New York City firefighters are calling out sick as a vaccine mandate looms.

More than 2,000 New York City firefighters took sick days in the past week in what city officials describe as a large-scale protest against the city ​​Covid vaccination mandate for municipal workers, which will take effect on Monday.

“The false irresponsible sick leave of some of our members is creating a danger to New Yorkers and their fellow firefighters,” Fire Commissioner Daniel A. Nigro said in a statement. He attributed the increase in sick leave to “anger over the vaccine mandate.”

Fire Department Deputy Commissioner for Public Information Frank Dwyer said more than 2,000 Fire Department staff members had been on medical leave at some point in the past week, out of a total uniformed force of about 11,000.

The personnel shortage has put pressure on the Fire Department’s operations. The department said all of its fire stations remain open, but maintaining coverage across the city has required moving personnel to rebuild fire companies.

The president of the Uniformed Firefighters Association, the union that represents grassroots firefighters, said there was no organized illness. But hundreds of firefighters were feeling the side effects of the vaccine doses and were too bad to work, UFA president Andrew Ansbro said in a telephone interview Sunday morning. “Hundreds of men have flu-like symptoms, because that’s what the vaccine does to people,” Ansbro said.

When the city begins enforcing the vaccination mandate on Monday, unvaccinated city employees without a doctor or religious exemption You will be placed on leave without pay. It’s unclear how the city’s downsizing of the workforce will affect services ranging from trash pickup to ambulance wait times.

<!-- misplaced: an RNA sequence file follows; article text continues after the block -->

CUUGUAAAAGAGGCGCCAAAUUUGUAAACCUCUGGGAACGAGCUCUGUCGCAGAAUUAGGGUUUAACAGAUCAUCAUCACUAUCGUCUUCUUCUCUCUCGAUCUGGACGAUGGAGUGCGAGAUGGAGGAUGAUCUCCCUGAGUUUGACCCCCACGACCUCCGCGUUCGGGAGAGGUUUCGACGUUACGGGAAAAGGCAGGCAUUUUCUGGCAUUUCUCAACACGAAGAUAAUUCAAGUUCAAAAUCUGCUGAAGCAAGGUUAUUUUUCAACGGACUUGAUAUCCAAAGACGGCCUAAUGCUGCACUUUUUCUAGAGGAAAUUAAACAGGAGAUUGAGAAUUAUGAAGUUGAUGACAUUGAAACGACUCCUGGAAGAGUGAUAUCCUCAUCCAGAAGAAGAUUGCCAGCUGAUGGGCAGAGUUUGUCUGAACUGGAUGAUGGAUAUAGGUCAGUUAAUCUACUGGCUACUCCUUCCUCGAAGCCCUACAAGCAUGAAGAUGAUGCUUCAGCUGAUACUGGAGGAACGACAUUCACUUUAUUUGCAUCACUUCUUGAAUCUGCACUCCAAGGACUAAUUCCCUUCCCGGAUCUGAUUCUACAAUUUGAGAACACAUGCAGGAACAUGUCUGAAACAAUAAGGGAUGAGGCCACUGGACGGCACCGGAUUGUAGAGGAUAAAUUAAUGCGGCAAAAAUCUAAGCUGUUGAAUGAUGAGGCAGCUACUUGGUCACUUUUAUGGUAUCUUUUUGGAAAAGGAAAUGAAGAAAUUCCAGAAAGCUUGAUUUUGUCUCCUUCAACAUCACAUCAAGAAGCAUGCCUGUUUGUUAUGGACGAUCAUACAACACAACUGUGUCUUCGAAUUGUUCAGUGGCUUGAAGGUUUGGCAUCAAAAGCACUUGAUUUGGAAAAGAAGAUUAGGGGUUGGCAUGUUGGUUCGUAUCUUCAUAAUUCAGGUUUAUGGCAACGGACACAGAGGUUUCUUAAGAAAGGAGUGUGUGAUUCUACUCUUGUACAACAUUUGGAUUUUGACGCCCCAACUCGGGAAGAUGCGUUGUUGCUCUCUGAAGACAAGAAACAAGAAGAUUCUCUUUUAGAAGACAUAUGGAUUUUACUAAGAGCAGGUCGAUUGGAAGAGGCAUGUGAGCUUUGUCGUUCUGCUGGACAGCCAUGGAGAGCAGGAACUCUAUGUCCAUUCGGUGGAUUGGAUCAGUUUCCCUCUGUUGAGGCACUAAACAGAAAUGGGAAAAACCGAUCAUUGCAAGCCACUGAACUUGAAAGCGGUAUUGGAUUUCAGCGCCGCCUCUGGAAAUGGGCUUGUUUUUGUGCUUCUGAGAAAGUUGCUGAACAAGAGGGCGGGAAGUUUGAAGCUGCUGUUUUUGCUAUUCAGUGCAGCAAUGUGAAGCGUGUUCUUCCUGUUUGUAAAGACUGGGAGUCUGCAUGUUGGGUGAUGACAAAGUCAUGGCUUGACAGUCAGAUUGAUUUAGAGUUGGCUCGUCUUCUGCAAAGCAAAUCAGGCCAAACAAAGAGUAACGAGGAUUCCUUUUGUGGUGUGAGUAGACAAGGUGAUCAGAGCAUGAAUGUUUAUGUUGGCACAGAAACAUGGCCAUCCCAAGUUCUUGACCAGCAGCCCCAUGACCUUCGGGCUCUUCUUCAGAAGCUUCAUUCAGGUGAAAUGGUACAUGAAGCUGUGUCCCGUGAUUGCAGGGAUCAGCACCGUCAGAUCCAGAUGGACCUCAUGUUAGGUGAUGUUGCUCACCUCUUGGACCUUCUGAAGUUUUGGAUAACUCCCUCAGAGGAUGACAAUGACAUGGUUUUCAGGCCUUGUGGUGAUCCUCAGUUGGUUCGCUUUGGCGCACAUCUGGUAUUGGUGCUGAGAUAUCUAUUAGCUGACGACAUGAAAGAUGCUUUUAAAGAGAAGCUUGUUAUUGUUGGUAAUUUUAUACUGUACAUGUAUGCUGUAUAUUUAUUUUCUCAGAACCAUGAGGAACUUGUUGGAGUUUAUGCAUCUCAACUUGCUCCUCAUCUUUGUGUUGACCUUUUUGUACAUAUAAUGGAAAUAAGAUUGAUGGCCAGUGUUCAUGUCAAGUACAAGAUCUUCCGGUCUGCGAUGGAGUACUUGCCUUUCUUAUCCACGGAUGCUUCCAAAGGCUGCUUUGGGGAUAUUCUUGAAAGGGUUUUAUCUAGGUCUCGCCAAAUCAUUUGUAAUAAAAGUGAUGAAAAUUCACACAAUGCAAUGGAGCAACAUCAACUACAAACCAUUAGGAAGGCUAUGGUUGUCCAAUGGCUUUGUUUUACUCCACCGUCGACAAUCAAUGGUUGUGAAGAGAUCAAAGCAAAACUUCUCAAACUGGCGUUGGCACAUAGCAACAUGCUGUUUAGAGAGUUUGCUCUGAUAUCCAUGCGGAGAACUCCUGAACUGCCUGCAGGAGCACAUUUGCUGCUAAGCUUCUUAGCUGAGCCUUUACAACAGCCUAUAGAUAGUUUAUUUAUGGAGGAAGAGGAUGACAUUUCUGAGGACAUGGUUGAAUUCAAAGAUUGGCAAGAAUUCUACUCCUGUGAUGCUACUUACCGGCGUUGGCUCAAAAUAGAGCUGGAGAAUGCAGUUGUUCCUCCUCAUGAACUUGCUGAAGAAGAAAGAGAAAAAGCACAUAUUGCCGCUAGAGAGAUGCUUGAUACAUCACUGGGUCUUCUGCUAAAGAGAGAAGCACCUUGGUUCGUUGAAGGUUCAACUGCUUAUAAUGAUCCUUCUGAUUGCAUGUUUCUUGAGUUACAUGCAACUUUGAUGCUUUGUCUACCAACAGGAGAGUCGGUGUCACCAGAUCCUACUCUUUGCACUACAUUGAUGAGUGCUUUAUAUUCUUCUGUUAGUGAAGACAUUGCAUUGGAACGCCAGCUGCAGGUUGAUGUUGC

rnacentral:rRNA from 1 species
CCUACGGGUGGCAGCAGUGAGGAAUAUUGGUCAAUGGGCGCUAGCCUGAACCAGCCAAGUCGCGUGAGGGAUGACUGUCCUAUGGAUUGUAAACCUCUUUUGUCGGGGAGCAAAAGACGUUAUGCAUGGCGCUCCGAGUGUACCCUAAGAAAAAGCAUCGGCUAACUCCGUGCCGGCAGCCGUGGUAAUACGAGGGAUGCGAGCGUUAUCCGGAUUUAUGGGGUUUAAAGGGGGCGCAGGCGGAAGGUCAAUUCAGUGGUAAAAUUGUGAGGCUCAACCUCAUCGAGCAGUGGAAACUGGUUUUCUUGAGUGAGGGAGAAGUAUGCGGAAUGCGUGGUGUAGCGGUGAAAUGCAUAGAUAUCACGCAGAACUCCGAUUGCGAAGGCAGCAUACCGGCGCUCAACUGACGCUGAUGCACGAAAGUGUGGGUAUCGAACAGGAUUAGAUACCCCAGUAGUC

By Sunday, about 90 percent of municipal workers had received at least one vaccination, leaving just under 23,000 still unvaccinated.

The city reported Sunday that 84 percent of the NYPD had received at least one dose of the vaccine, up from 70 percent on Oct. 19. Three-quarters of the firefighters had received their first doses on Sunday, authorities said.

In the week and a half since Mayor Bill de Blasio announced the mandate, more than 22,000 city workers have received their first injection and vaccination rates have risen sharply at many city agencies. Most city agencies now have vaccination rates of 90 percent or more. But some are noticeably shorter. The Sanitation Department was at 82 percent on Sunday. At the Department of Correction, only 63 percent of employees were vaccinated, although correctional officers have an additional month to get vaccinated before the mandate takes effect.

On Sunday, a small number of NYPD employees came to headquarters to present their retirement papers before the term. At 1 p.m., officials counted eight officers who had submitted their retirement papers.

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